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A Week With The iPad

April 9, 2010 | 4 comments

If you’ve been following me on Twitter this week, you’ll know that I recently picked up a shiny new iPad. I decided not to write a review of the iPad right away, but instead spend a week using it and report back with my findings. It’s really easy to jump to conclusions (good or bad) when you first begin using something. I’ve been using it for a few hours every day, and I think I’m starting to see how it will fit into my life. And let me just say, it’s finding it’s niche very nicely. There have been MANY iPad reviews released this week, so I’ll try not to get too wordy…

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The iPad Excitement is Building

March 30, 2010 | 1 comment

Wow, I haven’t written a blog post in weeks! The weather has been getting really nice here in Raleigh, NC and I’ve been trying to spend as much time outside as possible. Although I might not have been inspired to write about tech lately, I’ve definitely been keeping up with it. One of the most exciting things going on right now is obviously the iPad. I reserved mine on March 16th for in-store pickup. I decided to go this approach, rather than pre-ordering, for a couple reasons. I hate waiting around for the FedEx/UPS guy to come so that I don’t miss a package. Also, I wasn’t entirely convinced I would buy one at the time of reserving. I decided this would give me another few weeks to think about it. Not surprisingly, the blogs have been buzzing about iPad related goodness lately and I’ve decided that I will be headed to the Apple Store on launch day.

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What Happened To Google Wave?

February 13, 2010 | 8 comments

I was originally planning to do a post about Google Buzz this weekend, but then something reminded me about  Google Wave. I don’t know about you, but I haven’t heard anything about Wave in weeks. It occurred to me that one of the most hyped products of 2009 might have fallen completely on it’s face. Ever since Wave was announced at Google I/O last May, there was non-stop hype surrounding the product on Twitter and tech blogs. The hype continued up to the end of September when Google opened up Wave to over 100,000 people, and then for another few weeks while people begged for invites on Twitter and other sites. By the end of October, I had over 25 contacts on Wave and managed to get the bulk of my web-savvy friends using the service. By the middle of November, it seemed like everyone who was remotely interested in Wave had received an invite. Google Wave finally dropped off the trending topics on Twitter and it seemed like the invite hype was effectively dead. It’s been over 2 months since the last activity in my Wave inbox and I can’t help but wonder, what happened?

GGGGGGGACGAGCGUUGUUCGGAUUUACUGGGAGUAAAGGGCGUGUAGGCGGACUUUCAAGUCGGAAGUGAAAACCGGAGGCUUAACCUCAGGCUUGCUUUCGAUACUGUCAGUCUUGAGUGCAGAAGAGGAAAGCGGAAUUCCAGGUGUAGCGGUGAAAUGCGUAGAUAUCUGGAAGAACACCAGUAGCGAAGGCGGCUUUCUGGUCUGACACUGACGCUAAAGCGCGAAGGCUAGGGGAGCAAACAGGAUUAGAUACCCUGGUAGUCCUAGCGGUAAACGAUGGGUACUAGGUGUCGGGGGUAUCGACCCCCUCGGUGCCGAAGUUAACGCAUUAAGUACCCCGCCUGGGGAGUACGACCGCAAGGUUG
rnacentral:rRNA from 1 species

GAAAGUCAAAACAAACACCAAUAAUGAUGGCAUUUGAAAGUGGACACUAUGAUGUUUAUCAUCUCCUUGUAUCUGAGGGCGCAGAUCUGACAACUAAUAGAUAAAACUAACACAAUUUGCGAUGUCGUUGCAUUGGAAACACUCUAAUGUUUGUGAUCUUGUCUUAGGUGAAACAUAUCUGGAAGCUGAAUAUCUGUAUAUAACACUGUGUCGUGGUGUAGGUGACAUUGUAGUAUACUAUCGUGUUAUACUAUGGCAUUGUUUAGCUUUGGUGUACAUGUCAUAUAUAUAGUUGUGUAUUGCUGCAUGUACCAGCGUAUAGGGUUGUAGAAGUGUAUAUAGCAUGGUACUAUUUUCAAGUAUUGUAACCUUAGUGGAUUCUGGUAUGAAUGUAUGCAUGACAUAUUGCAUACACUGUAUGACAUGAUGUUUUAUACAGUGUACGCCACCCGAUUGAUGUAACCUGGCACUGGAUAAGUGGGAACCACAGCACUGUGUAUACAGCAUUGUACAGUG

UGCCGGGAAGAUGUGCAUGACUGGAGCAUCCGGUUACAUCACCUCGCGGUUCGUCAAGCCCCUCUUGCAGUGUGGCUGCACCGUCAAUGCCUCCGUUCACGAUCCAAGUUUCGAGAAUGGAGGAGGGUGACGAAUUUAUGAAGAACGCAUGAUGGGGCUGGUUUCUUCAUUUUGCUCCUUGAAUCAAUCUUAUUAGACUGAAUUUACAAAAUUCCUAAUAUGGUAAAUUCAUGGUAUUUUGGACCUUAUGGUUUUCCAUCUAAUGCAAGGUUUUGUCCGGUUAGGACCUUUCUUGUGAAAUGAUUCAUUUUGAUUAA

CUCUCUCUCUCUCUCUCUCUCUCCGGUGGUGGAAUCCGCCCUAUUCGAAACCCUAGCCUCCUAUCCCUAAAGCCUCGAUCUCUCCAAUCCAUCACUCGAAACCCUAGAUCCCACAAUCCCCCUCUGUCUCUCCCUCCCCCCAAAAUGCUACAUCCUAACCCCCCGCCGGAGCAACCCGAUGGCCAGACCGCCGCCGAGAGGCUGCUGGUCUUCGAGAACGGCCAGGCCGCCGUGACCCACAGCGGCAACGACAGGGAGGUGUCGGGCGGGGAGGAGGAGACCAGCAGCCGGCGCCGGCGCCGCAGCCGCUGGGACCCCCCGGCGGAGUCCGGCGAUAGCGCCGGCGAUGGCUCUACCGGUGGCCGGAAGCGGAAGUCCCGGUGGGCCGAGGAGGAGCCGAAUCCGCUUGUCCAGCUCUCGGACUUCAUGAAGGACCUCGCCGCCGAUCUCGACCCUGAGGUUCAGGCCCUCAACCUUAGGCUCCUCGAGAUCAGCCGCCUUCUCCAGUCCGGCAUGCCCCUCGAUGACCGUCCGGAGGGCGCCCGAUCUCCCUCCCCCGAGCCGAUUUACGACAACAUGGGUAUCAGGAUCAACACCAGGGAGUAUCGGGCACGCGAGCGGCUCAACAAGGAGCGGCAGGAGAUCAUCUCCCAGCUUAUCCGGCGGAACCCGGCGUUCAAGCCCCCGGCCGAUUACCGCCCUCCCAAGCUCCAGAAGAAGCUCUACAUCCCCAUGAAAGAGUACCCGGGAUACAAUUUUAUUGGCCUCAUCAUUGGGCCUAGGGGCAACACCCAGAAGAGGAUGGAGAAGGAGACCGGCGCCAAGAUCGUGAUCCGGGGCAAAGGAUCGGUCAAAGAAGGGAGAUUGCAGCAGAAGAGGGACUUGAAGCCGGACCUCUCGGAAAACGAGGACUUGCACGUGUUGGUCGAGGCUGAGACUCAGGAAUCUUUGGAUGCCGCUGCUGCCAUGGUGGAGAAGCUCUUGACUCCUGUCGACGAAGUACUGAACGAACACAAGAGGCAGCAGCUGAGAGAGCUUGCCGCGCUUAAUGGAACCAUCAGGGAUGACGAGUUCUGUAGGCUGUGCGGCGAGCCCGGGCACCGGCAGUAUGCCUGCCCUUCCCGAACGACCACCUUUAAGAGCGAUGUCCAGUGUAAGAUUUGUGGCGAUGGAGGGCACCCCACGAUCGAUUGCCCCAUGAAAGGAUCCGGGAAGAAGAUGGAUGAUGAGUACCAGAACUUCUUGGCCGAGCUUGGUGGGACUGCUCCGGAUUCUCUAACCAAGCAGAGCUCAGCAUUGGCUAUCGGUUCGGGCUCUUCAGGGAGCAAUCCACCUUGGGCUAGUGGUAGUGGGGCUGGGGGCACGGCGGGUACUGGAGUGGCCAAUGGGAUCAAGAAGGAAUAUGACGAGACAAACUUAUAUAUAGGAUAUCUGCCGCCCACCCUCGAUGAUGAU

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Introducing The New PSSC Website

February 12, 2010 | No Comments

As some of you know, I am the web developer behind the Penn State Snowboard Club (PSSC) website. I built the site from the ground up 3 years ago when I was attending Penn State. The website has evolved a lot since then and has signed up over 1,200 users. The past couple months I have been working on a complete redesign of the site. The goal was to make the site more useful for club members (and officers) and to add some design flare to spice things up a bit. After lots of hard work, I was able to finally launch the new site last weekend. The site seems to have generated a lot of positive buzz so far and I wanted to take some time to highlight a few new features.